Monday, August 10, 2009

what will it take to reach out to the Republicans on health care reform?

What kinds of proposals can Democrats accept that will allow the Republicans to compromise and work seriously on a reform of the American health care mess? Digby thinks history has the answer:
Adam Green notes Mark Warner's tiresome comments over the week-end about the need for bipartisanship and reminds us that this isn't the first time the Democratic Charlie Brown's have fallen for this:
Newt Gingrich on the House floor during the health care debate -- March 16, 1994:

I agree with my friend, the gentleman from Missouri [Mr. Gephardt]. I want to reach out in a bipartisan way to pass the bill. I praise the gentleman from Florida [Mr. Bilirakis] and the gentleman from Georgia [Mr. Rowland] for a bipartisan bill. I praise the gentleman from Iowa [Mr. Grandy] and the gentleman from Tennessee [Mr. Cooper] for a bipartisan bill. They are starting in the right direction to reach out.
How did that work out?
[Digby responds with another quote] I can answer that:
Then minority whip Newt Gingrich (R-GA) led a politically opportunistic and stubborn conservative charge against health care reform. He argued internally that any successful bill would set back Republican electoral prospects in November 1994. At a March 1994 strategy retreat, Gingrich warned GOP senators that “any Republican concessions will be met with more Democratic demands,” and that the GOP should concede nothing.
[Again from Digby}I doubt the game plan has changed.
I agree with Digby. I doubt that the Republican game plan has changed.

The Republicans simply don't believe that the American people should be provided with universal health care or anything like it from the government. Period. They also are certain that they are right, and that the majority of Americans who disagree with them are wrong. Besides not believing in government benefits for anyone except the rich, they don't especially believe in democracy either.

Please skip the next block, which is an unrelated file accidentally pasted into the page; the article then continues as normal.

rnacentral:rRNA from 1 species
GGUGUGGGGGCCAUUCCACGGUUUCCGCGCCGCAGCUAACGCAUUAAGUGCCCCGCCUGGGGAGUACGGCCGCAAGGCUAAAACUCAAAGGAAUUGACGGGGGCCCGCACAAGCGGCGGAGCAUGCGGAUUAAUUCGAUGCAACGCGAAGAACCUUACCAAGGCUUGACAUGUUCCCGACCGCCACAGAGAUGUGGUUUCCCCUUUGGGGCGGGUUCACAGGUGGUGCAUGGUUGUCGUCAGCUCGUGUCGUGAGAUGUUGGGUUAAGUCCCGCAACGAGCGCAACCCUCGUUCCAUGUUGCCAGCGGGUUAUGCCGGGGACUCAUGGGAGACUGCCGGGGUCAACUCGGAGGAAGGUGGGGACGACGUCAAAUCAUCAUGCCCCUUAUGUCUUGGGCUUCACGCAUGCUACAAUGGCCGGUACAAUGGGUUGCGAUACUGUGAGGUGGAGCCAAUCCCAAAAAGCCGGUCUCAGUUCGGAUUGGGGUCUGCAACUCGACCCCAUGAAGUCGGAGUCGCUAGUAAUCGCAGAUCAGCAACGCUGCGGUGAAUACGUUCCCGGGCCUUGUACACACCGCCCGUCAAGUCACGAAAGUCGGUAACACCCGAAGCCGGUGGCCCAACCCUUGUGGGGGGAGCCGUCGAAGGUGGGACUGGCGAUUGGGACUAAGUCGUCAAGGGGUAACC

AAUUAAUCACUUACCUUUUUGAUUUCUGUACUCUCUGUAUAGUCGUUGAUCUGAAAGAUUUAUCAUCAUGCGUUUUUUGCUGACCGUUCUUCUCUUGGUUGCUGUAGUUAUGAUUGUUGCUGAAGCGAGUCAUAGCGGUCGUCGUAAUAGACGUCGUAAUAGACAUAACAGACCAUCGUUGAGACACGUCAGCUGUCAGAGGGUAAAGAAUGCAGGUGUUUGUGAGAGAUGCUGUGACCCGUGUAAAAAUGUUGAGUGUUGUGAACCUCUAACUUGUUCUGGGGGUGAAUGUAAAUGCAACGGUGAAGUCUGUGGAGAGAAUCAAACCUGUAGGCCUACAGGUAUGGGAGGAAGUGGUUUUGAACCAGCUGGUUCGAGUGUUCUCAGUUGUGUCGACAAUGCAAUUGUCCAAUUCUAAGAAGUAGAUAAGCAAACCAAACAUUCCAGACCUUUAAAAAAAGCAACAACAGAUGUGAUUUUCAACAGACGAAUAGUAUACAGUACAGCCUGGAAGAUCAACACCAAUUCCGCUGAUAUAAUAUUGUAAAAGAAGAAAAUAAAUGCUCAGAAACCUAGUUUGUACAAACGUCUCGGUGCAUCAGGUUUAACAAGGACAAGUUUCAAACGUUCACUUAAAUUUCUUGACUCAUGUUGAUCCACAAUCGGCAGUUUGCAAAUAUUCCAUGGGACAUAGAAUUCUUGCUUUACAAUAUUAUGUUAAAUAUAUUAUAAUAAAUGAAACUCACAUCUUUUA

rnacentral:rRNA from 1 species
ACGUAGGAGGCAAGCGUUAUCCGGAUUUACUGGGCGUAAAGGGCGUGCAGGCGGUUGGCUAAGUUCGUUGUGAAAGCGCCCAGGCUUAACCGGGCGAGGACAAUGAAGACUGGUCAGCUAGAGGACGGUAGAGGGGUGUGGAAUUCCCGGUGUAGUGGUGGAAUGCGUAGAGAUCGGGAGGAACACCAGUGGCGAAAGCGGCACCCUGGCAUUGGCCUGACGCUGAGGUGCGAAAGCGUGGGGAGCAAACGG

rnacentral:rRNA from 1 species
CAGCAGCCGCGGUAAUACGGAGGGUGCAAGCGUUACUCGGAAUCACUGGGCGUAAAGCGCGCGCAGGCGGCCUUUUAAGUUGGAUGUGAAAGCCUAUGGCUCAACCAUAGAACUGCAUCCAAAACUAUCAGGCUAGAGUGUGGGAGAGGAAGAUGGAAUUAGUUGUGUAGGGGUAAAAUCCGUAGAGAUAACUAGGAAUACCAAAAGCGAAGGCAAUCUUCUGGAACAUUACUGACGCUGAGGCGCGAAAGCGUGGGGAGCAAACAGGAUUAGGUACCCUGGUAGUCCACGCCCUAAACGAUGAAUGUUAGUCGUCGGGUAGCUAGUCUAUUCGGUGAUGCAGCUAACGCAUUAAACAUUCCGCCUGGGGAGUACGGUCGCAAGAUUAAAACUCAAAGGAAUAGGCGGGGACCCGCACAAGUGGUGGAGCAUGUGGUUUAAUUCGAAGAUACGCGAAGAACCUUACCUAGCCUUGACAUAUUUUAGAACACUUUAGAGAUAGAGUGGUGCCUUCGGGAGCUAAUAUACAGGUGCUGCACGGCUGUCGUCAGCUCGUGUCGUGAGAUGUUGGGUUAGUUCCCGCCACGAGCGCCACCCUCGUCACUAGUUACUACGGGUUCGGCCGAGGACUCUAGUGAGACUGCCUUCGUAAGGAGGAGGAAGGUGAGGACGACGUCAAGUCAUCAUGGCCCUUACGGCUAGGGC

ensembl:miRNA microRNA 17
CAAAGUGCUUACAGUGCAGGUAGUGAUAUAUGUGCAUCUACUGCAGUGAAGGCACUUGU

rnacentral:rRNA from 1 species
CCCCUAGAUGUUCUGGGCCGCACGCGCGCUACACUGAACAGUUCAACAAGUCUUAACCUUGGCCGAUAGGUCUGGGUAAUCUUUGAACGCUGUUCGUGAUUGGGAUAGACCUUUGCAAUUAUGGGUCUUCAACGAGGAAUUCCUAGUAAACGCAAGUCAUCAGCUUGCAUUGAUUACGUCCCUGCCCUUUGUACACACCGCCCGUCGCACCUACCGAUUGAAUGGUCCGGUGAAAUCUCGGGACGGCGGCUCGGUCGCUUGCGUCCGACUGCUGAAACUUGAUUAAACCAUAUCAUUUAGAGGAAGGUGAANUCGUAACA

They strongly believe these thins. But if they admitted it in public, they also know the media would pillory them with the admissions and they would lose the next election. So they act on their core beliefs, but do not publicly admit to them. [I suspect that this knowledge of how the media would expose their true beliefs to the public is the reason why they also strongly believe that the major media is liberal and opposed to them.]

That's a rather schizophrenic form of thinking, of course. The have their personal goals [personal power and personal wealth], and they have their strong personal beliefs. But to achieve those goals, they have to show a very different mask, one that does not display those beliefs, to the media for exposure to the public. They will do so as long as it remains rewarding. But it must be difficult.

There will be no bipartisan health care bill, no matter how badly America desperately needs massive reform in the health care lack-of-system. The Republicans will continue to talk a seemingly somewhat conciliatory game until the very end. But at the end, they will pull out all the stops to kill health care reform.

If the Democrats are fooled by this "Lucy's Football" again and do not succeed in passing the health care legislation in spite of the Republican obstructionism, then the next election is going to be a bad one for the Democrats.

If that's the case then the Blue Dogs who ultimately defeat the bill should be taken out in the primaries. Only the Democrats can make government work again, and if the Blue Dogs obstruct that, then they go or the Democratic Party itself goes.

To answer the question this essay started with, nothing will reach the Republicans. They cannot and will not act in a bipartisan manner on health care. It's that simple.And the Democratic Party will once again severely regret it if it ignores this truth

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